CityWatch: New York City ramps up tracing and introduces ‘self-swab tests’

CityWatch

Extensive testing, both for antibodies and the virus, has been lauded as critical to the reopening process

A medical worker assists people waiting to be tested for the coronavirus in New York City April 24.


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As new data shows that one in four, or 24.7%, of the New York City residents tested for coronavirus antibodies were positive, the city is ramping up testing and tracing efforts, hiring 1,000 tracers and streamlining coronavirus testing by introducing so-called “self-swab tests.”

The latest results from the ongoing, widespread and random antibody testing, which were announced Monday by Gov. Andrew Cuomo, could suggest that more than two million Big Apple residents have had the virus, though experts question the legitimacy of the antibody tests and how accurately their findings can be scaled to apply on a city or statewide level.

Extensive testing, both antibody and actual coronavirus testing, has been lauded as critical to the reopening process.

“The more tests you do, the faster you move toward low-level transmission of this disease,” Mayor Bill de Blasio said Monday. 

In New York City, 156,100 people have tested positive for coronavirus, 11,708 have died, and another 5,228 deaths are suspected to be due to the virus. 

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Last week, de Blasio and Cuomo both announced their plans for a widespread testing and tracing program, led by an “army of tracers” and on Monday, de Blasio said that New York City would start the process of hiring 1,000 contract tracers immediately.

“If you have experience in the health-care field, if you’re ready to lend your talents to this fight, we need you and we need you right away,” the mayor said. 

Two separate postings on the website of the Fund for Public Health NYC call for individuals with “health-related professional experience or public health training.” 

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One, requiring a bachelor’s degree from an accredited college, comes with a salary of $57,000. The other, requiring a master’s degree from an accredited college or university, has a salary of $62,000.

Both have responsibilities including conducting telephone calls with persons diagnosed with COVID-19; providing follow-up instructions to those individuals and to their contacts related to isolation/quarantine; providing people with approved information about isolation and quarantine procedures, and if appropriate, referring them to testing; and protecting and maintaining individuals’ privacy and confidentiality.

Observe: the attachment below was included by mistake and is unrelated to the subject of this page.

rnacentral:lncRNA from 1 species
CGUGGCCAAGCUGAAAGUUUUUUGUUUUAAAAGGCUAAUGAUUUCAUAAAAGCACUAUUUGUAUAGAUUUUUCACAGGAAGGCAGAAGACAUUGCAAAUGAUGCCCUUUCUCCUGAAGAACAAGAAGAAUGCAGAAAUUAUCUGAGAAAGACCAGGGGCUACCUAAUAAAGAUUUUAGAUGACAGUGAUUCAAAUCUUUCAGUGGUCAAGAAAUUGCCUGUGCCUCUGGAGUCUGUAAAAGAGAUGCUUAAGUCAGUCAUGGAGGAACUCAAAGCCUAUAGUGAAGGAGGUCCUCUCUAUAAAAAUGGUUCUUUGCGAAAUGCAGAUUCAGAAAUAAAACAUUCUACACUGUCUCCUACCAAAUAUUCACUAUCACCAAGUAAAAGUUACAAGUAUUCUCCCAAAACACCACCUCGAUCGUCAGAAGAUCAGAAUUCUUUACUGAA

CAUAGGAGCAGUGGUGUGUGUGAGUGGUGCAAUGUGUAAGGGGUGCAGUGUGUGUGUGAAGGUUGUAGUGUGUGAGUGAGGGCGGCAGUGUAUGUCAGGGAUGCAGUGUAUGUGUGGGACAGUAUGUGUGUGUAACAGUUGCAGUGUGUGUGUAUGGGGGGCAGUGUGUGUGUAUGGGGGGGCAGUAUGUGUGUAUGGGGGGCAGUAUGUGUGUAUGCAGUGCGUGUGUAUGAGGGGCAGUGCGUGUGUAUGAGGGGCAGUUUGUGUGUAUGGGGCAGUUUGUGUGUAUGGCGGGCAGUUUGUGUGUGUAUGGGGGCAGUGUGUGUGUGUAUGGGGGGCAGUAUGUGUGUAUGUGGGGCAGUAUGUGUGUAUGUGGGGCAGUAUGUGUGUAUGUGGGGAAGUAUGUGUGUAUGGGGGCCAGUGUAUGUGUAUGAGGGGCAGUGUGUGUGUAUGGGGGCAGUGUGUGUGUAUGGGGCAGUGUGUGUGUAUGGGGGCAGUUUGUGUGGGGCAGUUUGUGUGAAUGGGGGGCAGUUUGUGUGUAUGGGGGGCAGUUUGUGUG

It was not immediately clear whether former New York City Mayor Michael Bloomberg would be involved in the hiring and training process for the city hires, though it was announced on Wednesday that he would be spearheading the program for the state.

The recruitment drive is part of the city’s efforts to build a contact tracing network “like never seen before on a vast scale,” de Blasio said. “So, every time someone tests positive, immediately we can swing into action, figure out who were their close contacts, get those people tested to isolate anyone who needs isolation.”

The mayor also announced a streamlined and less invasive process for coronavirus testing

Currently, all tests are administered by a health-care worker, in full personal protective equipment, who swabs far inside a patient’s nose. 

Also see: Optimism over phased reopenings only slightly tempered by continued concerns over inadequate testing for COVID-19 virus

The new approach, according to de Blasio, would require the patient taking “something that’s basically a sterile Q-tip,” and taking a nose swab. “They don’t have to go way deep, just enough to get a sample,” according to the mayor. 

They would also provide a saliva sample. 

“Those two samples provide enough information for the testing to be done,” de Blasio said. “Much simpler, much easier for everyone involved, no chance to cause the same kind of sneezing that that long swab way up the nose does. Simpler but also safer, especially for that health-care worker.”

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